Social Integration in Agile User Experience: Building Social Capital in Agile User Experience Software Teams
Barksdale, Jeremy Totton
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As the practice of software engineering matures, project teams are leveraging the expertise of those with a background in other disciplines such as user experience. This multidisciplinary collaboration has implications on how user experience is incorporated into the software they produce. It also has consequences for the interaction within the team. This research aims to address the implications and consequences by explaining and evaluating the impact of socio-cognitive factors and governance forms on agile user experience software teams. The objective is to support multidisciplinary agile user experience software teams in managing their interaction as a means to improving how user experience knowledge is managed. Results from a qualitative comparative analysis (QCA) were that: a combination of trust and shared meaning are associated with the impediment of knowledge construction and dissemination; a combination of lead governance, trust, and shared meaning are associated with knowledge dissemination; and a combination of lead governance and shared meaning are associated with the impediment of knowledge use. Review from an expert review of the Team Interaction Framework were that there are benefits to using the framework and ways to ease it use, but also limitations and anticipated challenges to its application. The findings from this research suggest that each theoretical component of the framework is relevant, but it is unclear whether the structural dimension is useful when studying agile user experience teams given environment similarity across teams. The contributions of this research are the Team Interaction Framework as a guide to evaluating the social interaction in agile user experience teams, a method for assessing the social interaction in agile user experience teams via a Team Interaction Assessment, and lightweight practices for improving the social interaction in these teams.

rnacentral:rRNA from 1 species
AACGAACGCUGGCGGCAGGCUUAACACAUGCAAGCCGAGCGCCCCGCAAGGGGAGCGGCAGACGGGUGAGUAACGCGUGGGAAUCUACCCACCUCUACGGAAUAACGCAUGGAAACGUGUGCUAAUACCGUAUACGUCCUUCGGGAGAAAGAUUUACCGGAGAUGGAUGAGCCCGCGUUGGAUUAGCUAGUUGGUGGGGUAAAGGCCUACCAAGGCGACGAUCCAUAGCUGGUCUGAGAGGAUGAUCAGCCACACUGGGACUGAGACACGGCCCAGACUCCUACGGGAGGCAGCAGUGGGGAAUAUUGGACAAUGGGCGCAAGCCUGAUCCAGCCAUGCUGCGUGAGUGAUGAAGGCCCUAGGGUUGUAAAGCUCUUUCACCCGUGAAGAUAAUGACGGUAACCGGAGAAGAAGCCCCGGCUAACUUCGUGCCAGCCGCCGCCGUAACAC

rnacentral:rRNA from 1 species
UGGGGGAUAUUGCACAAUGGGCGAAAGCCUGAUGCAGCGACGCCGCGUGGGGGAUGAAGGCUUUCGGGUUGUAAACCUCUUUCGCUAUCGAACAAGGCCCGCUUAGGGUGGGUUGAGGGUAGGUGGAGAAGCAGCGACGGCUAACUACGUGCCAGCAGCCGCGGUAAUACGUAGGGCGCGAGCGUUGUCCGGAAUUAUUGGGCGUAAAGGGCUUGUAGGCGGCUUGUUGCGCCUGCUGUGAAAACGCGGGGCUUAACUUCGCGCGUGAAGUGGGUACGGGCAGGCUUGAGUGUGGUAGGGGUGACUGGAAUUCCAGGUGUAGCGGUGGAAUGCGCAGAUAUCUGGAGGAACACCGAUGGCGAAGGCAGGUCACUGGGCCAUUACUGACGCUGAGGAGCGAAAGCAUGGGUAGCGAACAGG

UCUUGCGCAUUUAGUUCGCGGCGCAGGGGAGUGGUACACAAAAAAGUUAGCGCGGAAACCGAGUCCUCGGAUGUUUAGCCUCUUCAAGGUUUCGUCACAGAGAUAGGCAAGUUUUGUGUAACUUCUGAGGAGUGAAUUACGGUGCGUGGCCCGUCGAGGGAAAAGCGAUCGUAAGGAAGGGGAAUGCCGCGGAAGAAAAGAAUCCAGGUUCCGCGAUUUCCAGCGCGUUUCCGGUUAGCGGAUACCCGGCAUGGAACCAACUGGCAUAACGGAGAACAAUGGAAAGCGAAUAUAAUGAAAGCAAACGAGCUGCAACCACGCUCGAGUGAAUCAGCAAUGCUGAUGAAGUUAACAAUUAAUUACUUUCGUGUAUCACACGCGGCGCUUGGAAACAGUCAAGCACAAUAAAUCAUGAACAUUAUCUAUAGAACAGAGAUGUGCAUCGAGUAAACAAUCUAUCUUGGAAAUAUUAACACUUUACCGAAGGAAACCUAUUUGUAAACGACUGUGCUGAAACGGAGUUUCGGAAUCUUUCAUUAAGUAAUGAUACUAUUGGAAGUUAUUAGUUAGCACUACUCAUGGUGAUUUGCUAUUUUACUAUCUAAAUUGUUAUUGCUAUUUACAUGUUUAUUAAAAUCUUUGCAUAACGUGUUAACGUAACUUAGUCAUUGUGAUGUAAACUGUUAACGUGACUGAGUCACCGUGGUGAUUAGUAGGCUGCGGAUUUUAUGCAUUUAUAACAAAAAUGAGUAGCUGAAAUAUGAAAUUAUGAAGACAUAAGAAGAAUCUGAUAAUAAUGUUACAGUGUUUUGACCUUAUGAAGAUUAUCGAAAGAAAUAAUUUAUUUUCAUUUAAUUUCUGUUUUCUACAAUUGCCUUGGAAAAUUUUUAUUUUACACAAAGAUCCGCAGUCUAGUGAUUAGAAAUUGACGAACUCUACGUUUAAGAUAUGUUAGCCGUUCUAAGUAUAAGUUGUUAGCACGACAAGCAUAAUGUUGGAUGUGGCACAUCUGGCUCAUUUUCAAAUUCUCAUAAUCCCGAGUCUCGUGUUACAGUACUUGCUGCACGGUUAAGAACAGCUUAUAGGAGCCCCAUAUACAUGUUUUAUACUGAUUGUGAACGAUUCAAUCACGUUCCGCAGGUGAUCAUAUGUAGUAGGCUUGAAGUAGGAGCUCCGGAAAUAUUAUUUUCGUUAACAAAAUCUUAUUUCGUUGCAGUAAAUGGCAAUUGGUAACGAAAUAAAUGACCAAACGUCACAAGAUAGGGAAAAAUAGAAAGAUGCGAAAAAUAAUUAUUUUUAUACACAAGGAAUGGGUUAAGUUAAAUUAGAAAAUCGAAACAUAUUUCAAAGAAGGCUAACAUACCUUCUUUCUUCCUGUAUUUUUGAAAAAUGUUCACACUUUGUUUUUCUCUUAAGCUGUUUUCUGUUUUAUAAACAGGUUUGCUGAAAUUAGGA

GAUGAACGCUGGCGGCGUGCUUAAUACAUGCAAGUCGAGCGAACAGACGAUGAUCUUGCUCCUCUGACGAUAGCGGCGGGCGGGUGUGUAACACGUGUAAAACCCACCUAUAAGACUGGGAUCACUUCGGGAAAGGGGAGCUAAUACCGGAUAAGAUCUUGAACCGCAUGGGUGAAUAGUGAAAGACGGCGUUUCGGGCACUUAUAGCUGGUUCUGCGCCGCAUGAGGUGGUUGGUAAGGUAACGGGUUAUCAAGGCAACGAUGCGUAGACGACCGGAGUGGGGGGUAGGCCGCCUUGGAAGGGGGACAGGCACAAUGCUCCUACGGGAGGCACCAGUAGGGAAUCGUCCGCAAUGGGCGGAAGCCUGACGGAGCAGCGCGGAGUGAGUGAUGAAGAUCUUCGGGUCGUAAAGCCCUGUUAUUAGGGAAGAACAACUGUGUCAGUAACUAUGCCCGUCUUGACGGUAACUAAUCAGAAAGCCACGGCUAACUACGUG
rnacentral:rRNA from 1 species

- Doctoral Dissertations